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The Mission Historical Museum presents “La Epoca de Oro/Films of the Golden Age,” a historical exhibit commemorating a cultural pastime that celebrates Mexican Cinema in the Rio Grande Valley.

The exhibit, “Films of the Golden Age,” will run from Sept.10 through Oct. 19 and consists of 21 framed posters from the films that made the Golden Age of Mexican Cinema, 1936 - 1969.

In association with exhibit, the museum will offer a film history presentation and a musical performance by Rumbo al’ Anacua on Thursday, Sept. 19, at 6 p.m. in the MHM annex.  Rosa Canales Pérez and Joe Pérez, (Rumbo al’ Anacua) were raised in rural South Texas who use storytelling, poetry and music to illustrate their cultural experiences.From its repertory, the duo performs old música ranchera along with original compositions of blues and folk music on acoustic guitars.Refreshments will be provided. 

A free mid-day movie matinee will be featured at 12:30 p.m. on Saturdays for four weeks beginning Sept. 21. The features include “Los Tres Garcia,” Sept. 21; “Maria Candelaria,” Sept. 28; “Aguila o Sol,” Oct. 5; and “La Bestia Magnifica,” Oct. 12.

The period between 1936 and 1969 became known as “La Época de Oro del Cine Mexicano” or “The Golden Age of Mexican Cinema,” where the quality and economic success of the cinema of Mexico reached its peak. The era produced films in various genres, including musical/comedy, drama, urban comedy and urban reality.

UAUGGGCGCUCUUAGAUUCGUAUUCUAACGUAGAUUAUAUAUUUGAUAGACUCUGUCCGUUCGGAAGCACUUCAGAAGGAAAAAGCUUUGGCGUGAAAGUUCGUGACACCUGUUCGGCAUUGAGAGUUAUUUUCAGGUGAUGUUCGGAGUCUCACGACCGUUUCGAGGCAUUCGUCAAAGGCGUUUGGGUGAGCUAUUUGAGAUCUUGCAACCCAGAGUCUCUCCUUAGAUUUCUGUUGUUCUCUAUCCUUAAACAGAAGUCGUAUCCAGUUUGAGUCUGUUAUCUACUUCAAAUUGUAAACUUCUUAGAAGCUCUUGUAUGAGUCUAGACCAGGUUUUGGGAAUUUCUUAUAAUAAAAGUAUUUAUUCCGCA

Beginning in 1939, the film industries of both Europe and the United States were affected as a consequence of World War II—Europe because of its location and the United States having to ration materials for the war effort, including cellulose used to produce film. 

In 1942, Mexico joined the allies in the war against Germany after German submarines attacked and destroyed oil tankers belonging to PEMEX, a Mexican state-owned petroleum company.  Later, Mexico too encountered scarcity in consumer goods, including film.  Nevertheless, the Mexican film industry found new sources of materials to help ensure its position in the production of quality films. 

During this time, the film industries of France, Spain, Italy, Argentina and the United States focused on war films, therefore making it possible for the Mexican movie industry to become dominant in the Mexican and Latin American markets.

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